Home > News > American Eagle Management Ruled Out of Line in Denying Flight Attendant Union Access to Crew Room

American Eagle Management Ruled Out of Line in Denying Flight Attendant Union Access to Crew Room

Date: October 2, 2003

DALLAS, TX – American Eagle flight attendant union leaders now have access to flight attendant crew rooms after an arbitrator ruled that Eagle management violated the flight attendants’ rights when a union leader was kicked out of the Miami crew room and denied future access to discuss union issues with union members.

On July 22, 2002, Eagle flight attendant and Miami Association of Flight Attendants Local Council President Bill Hennessey, was physically escorted out of the airline’s Miami crew room after management said he did not have permission to be there. Hennessey was talking with flight attendants and distributing union literature at the time.

The union’s grievance representative, Debora Sutor, also an Eagle flight attendant and Chicago Local Council President, filed a grievance, because the crew room is a non-work area where discussions about union issues are allowed. Earlier this week, an arbitrator ruled “the evidence sufficient to establish that the company violated union rights of access… inherent in the contract agreement.”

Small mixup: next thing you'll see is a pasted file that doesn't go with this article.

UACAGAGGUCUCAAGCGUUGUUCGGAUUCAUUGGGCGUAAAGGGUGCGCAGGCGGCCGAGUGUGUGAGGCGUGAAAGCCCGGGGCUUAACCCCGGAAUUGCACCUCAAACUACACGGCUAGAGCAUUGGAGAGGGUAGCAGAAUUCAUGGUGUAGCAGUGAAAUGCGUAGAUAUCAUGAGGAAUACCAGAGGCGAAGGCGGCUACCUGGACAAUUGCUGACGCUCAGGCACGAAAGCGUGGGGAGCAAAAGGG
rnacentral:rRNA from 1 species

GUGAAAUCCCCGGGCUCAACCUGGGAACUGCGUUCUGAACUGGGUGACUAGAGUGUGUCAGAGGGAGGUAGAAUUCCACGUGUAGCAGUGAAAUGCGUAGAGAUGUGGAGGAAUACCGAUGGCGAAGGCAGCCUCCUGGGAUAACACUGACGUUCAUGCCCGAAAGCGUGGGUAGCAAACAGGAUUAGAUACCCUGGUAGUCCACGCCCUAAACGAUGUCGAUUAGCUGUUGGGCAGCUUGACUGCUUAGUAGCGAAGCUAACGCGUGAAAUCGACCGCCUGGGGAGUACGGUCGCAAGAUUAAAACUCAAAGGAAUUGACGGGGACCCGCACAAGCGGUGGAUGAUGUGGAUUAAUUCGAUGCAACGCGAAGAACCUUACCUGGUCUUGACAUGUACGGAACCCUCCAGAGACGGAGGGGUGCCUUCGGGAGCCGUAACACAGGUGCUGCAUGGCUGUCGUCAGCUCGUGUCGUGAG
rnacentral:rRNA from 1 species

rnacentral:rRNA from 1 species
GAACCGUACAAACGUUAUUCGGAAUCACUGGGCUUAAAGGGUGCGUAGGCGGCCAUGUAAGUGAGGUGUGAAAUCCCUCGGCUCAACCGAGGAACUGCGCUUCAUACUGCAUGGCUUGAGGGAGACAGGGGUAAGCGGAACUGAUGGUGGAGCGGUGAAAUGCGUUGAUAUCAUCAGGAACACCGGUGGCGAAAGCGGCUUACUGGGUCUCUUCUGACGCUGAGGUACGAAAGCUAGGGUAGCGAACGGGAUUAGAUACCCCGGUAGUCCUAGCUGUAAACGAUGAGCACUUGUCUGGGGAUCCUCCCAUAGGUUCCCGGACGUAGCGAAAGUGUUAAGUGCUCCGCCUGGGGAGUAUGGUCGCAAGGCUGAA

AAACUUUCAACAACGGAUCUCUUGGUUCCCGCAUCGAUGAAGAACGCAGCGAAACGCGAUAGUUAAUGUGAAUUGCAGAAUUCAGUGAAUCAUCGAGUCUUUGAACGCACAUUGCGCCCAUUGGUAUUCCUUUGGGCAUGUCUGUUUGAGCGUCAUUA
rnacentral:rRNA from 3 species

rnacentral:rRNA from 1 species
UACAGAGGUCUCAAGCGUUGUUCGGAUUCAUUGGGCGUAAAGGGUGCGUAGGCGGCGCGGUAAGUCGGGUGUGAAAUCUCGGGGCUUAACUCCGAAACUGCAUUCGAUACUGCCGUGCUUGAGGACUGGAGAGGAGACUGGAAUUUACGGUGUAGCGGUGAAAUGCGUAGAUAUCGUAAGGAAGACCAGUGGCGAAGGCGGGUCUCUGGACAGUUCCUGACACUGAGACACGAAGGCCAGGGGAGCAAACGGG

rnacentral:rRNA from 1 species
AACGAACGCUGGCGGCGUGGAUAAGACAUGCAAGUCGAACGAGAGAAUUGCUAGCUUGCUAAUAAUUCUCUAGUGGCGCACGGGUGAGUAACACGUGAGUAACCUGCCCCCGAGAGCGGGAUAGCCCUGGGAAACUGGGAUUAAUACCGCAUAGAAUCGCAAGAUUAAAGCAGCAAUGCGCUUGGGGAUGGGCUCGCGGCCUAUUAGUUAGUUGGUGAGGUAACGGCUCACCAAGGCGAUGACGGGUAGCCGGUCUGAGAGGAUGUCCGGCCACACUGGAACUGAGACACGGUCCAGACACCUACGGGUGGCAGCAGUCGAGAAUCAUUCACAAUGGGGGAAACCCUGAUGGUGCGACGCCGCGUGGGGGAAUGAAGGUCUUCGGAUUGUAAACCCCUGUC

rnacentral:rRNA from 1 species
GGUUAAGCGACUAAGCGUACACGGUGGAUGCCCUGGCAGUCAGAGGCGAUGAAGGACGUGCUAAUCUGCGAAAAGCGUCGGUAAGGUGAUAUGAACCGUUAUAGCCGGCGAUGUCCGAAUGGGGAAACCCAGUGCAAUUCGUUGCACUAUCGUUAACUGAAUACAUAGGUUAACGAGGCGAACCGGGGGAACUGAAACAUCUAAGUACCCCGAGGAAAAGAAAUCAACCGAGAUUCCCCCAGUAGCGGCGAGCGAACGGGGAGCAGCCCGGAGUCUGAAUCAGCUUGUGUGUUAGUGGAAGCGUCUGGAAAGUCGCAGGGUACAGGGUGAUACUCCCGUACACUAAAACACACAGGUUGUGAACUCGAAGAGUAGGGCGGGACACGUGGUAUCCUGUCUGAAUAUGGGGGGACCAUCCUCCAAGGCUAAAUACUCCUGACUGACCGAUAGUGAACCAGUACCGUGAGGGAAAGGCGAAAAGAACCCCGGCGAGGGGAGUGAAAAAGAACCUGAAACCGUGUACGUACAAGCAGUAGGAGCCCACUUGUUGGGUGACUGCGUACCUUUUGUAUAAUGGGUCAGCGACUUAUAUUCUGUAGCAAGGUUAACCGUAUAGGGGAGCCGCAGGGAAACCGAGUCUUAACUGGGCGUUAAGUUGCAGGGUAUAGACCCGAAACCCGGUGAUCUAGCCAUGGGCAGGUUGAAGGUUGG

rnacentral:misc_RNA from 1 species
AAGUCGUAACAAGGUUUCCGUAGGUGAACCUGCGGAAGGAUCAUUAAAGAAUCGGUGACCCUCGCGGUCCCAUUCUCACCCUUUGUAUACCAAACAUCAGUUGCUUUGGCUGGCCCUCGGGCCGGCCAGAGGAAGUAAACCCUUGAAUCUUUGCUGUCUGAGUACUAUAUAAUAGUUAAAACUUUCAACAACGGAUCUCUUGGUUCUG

“Denying elected flight attendant union leaders the right to speak with the flight attendants who elected them is not only a violation of our contract, it is against everything America stands for,” said Hennessey, now also serving as Eagle AFA Master Executive Council President. “It’s a true testament to the professionalism of the flight attendants that the animosity Eagle management displays towards us on a regular basis doesn’t carry over into our jobs as this airline’s frontline employees.”

The arbitrator’s decision comes on the heels of Eagle management’s Sept. 12 request to the National Mediation Board to intervene in contract talks, after face-to-face talks failed to produce an agreement.

If mediated contract talks fail to produce an agreement, the NMB declares an impasse in negotiations, and either party refuses to submit open issues to arbitration, a 30-day countdown to self-help will begin. Self-help for flight attendants means CHAOS™.

CHAOS stands for Create Havoc Around our System, and includes random, unannounced work stoppages. Flight attendants may strike any flight, at any time, leaving management unable to respond, and passengers sitting in airports, rather than getting to their destinations.

More than 36,000 flight attendants join together to form AFA, the world’s largest flight attendant union, including the 1,200 flight attendants at American Eagle. For more information, visit http://www.afa-ae-web.org.

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